Karl-Heinz had encouraged young Boris to work tirelessly in his youth to become a professional. Determined and single-minded, Becker had never indulged in the usual adolescent experiments or made the mistakes young men are prone to make. Like Tiger Woods did when he lost his father, Becker cut loose without his anchor. Now, having retired from gaming and no longer obliged to maintain competitive discipline, he aspired to self-indulgence and thrived in the seeming chaos of a reckless emotional life. His second marriage to Lilly Kerssenberg, the mother of his son Amadeus, failed amid allegations of infidelity. As one of his many friends puts it: “Boris doesn’t like to play by the rules.”

It was an approach that extended to his financial dealings. Without Meyer-Wolden’s advice, Becker was amazingly extravagant. For ten years into the noughties he rented a stately home in Wimbledon and paid £22,000 a month. As a financial decision, it made no sense: property in London was rising in value like never before and instead of investing in it, he threw money away on rent.

But on the other hand, he always preferred more adventurous investments to the straight forward. Believing he could read the market better than others, Becker kept telling his friends about new opportunities he was chasing in cryptocurrency or Nigerian gold mines. As with his poker, his decisions were rarely winners. When he was convicted earlier this month, the extent of his mismanagement was clear: alongside the unpaid loan, Becker owed around £4million to Swiss authorities and around £800,000 in liabilities from a conviction for attempted tax evasion in Germany.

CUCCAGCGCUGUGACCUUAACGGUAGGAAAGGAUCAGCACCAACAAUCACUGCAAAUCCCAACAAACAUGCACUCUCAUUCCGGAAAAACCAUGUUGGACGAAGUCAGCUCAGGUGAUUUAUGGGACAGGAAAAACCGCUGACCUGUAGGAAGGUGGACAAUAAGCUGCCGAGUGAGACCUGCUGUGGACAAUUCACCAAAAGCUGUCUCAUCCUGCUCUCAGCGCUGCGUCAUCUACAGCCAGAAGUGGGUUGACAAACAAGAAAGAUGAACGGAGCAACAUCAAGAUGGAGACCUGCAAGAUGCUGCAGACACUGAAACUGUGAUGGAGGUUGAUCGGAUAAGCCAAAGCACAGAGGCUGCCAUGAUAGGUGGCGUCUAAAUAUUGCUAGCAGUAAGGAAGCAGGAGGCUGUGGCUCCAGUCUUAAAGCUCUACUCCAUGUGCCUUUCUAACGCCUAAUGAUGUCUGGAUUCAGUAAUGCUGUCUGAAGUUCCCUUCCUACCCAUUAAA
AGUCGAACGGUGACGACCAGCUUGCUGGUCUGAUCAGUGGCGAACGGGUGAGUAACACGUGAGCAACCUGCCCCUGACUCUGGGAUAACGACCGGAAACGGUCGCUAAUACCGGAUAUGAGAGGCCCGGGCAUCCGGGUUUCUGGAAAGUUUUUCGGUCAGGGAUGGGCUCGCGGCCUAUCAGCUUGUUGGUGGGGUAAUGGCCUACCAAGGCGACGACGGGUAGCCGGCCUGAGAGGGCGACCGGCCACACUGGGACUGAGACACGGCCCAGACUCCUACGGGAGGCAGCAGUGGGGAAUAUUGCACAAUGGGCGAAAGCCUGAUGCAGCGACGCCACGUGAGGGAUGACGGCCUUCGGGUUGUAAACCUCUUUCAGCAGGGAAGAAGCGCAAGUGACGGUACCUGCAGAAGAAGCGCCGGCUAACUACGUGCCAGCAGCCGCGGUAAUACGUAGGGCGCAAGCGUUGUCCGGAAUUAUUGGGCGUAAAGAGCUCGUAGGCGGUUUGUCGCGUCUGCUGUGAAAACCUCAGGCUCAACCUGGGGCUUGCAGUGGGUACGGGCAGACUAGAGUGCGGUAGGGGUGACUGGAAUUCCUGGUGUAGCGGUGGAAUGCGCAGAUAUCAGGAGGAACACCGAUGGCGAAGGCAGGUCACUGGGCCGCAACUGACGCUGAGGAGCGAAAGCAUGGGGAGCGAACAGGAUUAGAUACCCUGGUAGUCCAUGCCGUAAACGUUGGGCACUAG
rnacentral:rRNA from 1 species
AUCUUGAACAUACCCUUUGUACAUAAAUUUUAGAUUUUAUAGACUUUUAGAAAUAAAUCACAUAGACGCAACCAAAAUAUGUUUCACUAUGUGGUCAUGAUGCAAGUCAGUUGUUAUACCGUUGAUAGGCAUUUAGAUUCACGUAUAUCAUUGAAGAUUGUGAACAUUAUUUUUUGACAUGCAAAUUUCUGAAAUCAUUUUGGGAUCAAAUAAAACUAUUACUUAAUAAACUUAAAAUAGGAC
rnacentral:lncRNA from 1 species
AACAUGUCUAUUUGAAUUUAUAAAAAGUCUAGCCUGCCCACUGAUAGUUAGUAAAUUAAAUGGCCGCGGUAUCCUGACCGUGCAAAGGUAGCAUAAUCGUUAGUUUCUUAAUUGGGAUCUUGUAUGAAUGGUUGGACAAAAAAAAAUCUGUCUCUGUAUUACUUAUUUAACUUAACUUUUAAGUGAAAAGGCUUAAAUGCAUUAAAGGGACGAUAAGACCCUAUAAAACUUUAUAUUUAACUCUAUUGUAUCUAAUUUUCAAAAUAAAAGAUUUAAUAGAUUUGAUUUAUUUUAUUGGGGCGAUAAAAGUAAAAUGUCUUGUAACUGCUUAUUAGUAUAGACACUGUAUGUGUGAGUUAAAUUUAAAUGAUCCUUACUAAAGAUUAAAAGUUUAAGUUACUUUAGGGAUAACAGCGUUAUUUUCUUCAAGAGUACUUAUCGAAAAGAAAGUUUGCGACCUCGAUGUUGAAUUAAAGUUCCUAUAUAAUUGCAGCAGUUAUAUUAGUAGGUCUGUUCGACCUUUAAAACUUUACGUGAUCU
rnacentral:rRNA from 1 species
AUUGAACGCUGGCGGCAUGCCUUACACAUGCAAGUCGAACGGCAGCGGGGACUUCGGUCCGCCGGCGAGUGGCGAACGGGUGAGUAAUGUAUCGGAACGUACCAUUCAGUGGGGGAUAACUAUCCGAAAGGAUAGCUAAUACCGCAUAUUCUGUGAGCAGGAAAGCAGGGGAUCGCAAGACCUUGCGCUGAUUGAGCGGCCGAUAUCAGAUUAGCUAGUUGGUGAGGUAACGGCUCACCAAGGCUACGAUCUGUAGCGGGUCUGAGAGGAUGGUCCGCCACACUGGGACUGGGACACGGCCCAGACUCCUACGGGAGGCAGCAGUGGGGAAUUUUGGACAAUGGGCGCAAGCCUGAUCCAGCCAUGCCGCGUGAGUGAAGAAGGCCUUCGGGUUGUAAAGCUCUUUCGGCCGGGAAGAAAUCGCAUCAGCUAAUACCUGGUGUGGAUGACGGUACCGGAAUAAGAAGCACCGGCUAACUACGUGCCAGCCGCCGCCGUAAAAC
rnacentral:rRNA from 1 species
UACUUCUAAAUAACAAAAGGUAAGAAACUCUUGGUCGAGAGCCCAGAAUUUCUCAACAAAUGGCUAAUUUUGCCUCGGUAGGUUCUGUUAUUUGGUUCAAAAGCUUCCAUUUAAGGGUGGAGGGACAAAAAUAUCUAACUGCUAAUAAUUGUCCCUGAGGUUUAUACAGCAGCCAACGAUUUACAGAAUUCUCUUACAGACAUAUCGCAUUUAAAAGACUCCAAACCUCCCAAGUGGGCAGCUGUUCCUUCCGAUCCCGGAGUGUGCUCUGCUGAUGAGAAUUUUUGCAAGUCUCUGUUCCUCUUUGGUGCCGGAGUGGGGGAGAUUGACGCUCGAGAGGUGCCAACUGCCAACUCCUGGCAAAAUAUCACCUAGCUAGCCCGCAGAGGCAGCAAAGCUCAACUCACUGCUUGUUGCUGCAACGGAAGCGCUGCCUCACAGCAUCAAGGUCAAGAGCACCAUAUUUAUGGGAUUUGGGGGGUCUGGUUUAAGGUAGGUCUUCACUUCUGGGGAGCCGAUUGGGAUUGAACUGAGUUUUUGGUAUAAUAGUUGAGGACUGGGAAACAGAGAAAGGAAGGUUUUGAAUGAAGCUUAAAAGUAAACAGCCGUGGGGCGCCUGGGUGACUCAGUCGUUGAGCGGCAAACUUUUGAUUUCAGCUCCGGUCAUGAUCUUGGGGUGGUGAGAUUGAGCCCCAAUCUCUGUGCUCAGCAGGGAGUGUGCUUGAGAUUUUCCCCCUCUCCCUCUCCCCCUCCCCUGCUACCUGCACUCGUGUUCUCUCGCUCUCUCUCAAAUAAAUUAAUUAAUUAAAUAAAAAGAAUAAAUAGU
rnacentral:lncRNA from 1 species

Nonetheless, we loved him. He was a much admired commentator on the BBC’s Wimbledon coverage for more than 15 years. He was team captain on They Think It’s All Over. He was a columnist for that newspaper and oozed charm even when he missed his deadline.

He also became a successful coach and used his vast experience to take Novak Djokovic from a contender to a serial winner. Becker didn’t try to improve the Serb’s technique – he just told him how to win. And how Djokovic was successful and secured the Australian Open four times with Becker in his box.

As the money went into alimony, bad investments, and relentless squandering habits, Becker simply assumed the well of his career would never dry up. Or that he could borrow something from friends, which he was increasingly inclined to, and tell them he was just looking for something to make ends meet.

While still awaiting sentencing after being found guilty, he was photographed in Notting Hill looking at a property with his newest girlfriend. He figured he could shirk his responsibilities to his creditors and continue enjoying his wild spending. After all, he was Boris.

He lived by different rules. Finally his bluff was called.

Telegraph Media Group Limited [2022]

https://www.independent.ie/sport/other-sports/tennis/the-rise-and-fall-of-boris-becker-how-der-bomber-crashed-and-burned-41602673.html Rise and Fall of Boris Becker – How “The Bomber” crashed and burned

Fry Electronics Team